The New Orleans government has agreed to change its social media policy for employees, after resolving a demand for free speech filed by two public library workers against the City Council, Mayor LaToya Cantrell and his top Deputy Administrative Director Gilbert Montaño.
Andrew Okun and Erin Wilson argued in their 2021 lawsuit that Policy 83 (R), issued by Montaño a year earlier, was an unconstitutional effort to control what employees said in their free time, on the channels of public social networks like Tik Tok and even private messaging services like Slack.
Last week, the City Council revised the policy, removing references to what employees can say to private messaging apps in their time. The review also eliminates vague guidelines, such as “avoid the offensive” or “do not participate in or respond to negative or disparaging posts about city departments, employees, or policies.”
Okun, who still works for the administration, said he feels vindicated.
“Generally speaking, when you have a city administration doing everything possible to silence its own workers, that’s a bad sign,” he said. “And I think our case was pointed out. That’s why we fought, and that’s why we won.”
Wilson, who prefers to be referred to as plural pronouns, was especially concerned about previous politics because they are transgender, regularly published in Tik Tok, and once appeared with their faces hidden in a WWL-TV report. against Cantrell’s initial plan to keep public libraries open to visitors in the early days of the coronavirus pandemic.
Wilson has left the library system to teach at a local high school, but was thrilled with the policy change, even though it no longer applies to them.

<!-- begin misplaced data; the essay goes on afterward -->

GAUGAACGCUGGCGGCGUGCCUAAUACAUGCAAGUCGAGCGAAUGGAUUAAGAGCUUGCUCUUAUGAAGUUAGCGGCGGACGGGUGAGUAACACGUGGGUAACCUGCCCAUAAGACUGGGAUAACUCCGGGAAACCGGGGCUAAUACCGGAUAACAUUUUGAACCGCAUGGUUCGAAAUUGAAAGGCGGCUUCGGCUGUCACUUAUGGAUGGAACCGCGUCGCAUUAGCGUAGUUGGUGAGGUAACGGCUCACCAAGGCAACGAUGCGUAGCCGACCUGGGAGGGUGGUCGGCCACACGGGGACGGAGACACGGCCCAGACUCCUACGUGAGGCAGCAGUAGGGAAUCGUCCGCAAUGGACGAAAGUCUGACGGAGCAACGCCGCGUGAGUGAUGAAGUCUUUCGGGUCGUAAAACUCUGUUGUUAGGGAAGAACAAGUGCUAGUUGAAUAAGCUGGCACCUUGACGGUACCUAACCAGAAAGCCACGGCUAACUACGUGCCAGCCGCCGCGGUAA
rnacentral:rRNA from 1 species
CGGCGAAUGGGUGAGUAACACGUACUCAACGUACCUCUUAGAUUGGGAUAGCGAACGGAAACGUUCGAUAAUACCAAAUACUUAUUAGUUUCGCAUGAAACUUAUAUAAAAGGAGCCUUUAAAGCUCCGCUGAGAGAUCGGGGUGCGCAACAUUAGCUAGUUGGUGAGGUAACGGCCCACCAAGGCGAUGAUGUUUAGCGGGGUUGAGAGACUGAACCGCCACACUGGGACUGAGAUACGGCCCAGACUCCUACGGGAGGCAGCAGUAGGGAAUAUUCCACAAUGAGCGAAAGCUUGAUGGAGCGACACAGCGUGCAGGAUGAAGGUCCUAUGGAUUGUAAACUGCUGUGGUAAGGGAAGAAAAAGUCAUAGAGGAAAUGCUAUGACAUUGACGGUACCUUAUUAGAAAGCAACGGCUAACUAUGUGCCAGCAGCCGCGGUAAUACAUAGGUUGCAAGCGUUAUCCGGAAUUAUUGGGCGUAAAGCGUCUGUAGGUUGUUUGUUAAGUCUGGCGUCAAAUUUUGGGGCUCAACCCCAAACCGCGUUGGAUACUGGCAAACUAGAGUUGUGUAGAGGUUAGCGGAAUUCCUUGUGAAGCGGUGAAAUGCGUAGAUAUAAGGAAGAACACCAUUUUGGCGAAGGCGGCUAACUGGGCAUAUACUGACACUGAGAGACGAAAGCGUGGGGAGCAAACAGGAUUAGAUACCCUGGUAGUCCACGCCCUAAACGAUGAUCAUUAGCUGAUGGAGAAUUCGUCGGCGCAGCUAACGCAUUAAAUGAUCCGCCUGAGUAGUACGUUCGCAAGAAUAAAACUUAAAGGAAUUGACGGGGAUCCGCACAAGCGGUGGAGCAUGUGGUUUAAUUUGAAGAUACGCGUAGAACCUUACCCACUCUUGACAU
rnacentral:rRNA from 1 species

“For a long time, I felt it was impossible to make a significant change,” Wilson said. “It simply came to our notice then. And it feels empowering. It doesn’t matter if he is a teacher now. “
The Cantrell administration said on Thursday that it changed the policy to “provide guidance that addresses the concern of inappropriate disclosure of non-public information, ensures that employees are not harassed at work, and protects the privacy rights of employees.” employees and citizens of the city, while respecting the rights of our employees to freedom of expression.
Katie Schwartzmann, a professor at Tulane Law School and a former legal director of the American Civil Liberties Union of Louisiana, represented Okun and Wilson in their lawsuit. He said he had never seen a policy “that went so far as to regulate the private activity of all workers in the city.”
Both opposed the new policy, but had to sign it to keep their jobs